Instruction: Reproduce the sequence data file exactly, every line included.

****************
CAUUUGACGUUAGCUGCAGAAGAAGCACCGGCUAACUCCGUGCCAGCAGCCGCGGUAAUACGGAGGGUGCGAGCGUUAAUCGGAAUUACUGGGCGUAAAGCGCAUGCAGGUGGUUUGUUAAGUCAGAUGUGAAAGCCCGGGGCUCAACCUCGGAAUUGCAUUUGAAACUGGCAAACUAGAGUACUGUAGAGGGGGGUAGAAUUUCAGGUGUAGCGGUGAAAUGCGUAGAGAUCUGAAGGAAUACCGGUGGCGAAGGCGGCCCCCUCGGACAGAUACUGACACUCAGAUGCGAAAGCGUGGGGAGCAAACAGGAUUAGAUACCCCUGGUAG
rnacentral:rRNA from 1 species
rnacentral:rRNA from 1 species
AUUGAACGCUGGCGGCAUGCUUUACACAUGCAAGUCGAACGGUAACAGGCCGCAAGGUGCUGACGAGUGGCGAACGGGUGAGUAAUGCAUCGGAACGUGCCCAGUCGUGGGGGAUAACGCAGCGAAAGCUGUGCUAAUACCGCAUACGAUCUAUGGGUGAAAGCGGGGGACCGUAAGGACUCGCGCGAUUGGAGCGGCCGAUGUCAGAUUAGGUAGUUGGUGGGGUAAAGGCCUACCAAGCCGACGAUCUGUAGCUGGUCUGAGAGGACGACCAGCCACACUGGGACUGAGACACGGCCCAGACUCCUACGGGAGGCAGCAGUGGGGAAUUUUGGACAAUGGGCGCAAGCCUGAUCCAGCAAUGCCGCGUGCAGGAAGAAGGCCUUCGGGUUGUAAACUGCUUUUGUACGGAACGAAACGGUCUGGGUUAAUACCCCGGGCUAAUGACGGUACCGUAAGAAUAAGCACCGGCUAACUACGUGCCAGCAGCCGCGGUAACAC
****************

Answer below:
CAUUUGACGUUAGCUGCAGAAGAAGCACCGGCUAACUCCGUGCCAGCAGCCGCGGUAAUACGGAGGGUGCGAGCGUUAAUCGGAAUUACUGGGCGUAAAGCGCAUGCAGGUGGUUUGUUAAGUCAGAUGUGAAAGCCCGGGGCUCAACCUCGGAAUUGCAUUUGAAACUGGCAAACUAGAGUACUGUAGAGGGGGGUAGAAUUUCAGGUGUAGCGGUGAAAUGCGUAGAGAUCUGAAGGAAUACCGGUGGCGAAGGCGGCCCCCUCGGACAGAUACUGACACUCAGAUGCGAAAGCGUGGGGAGCAAACAGGAUUAGAUACCCCUGGUAG
rnacentral:rRNA from 1 species
rnacentral:rRNA from 1 species
AUUGAACGCUGGCGGCAUGCUUUACACAUGCAAGUCGAACGGUAACAGGCCGCAAGGUGCUGACGAGUGGCGAACGGGUGAGUAAUGCAUCGGAACGUGCCCAGUCGUGGGGGAUAACGCAGCGAAAGCUGUGCUAAUACCGCAUACGAUCUAUGGGUGAAAGCGGGGGACCGUAAGGACUCGCGCGAUUGGAGCGGCCGAUGUCAGAUUAGGUAGUUGGUGGGGUAAAGGCCUACCAAGCCGACGAUCUGUAGCUGGUCUGAGAGGACGACCAGCCACACUGGGACUGAGACACGGCCCAGACUCCUACGGGAGGCAGCAGUGGGGAAUUUUGGACAAUGGGCGCAAGCCUGAUCCAGCAAUGCCGCGUGCAGGAAGAAGGCCUUCGGGUUGUAAACUGCUUUUGUACGGAACGAAACGGUCUGGGUUAAUACCCCGGGCUAAUGACGGUACCGUAAGAAUAAGCACCGGCUAACUACGUGCCAGCAGCCGCGGUAACAC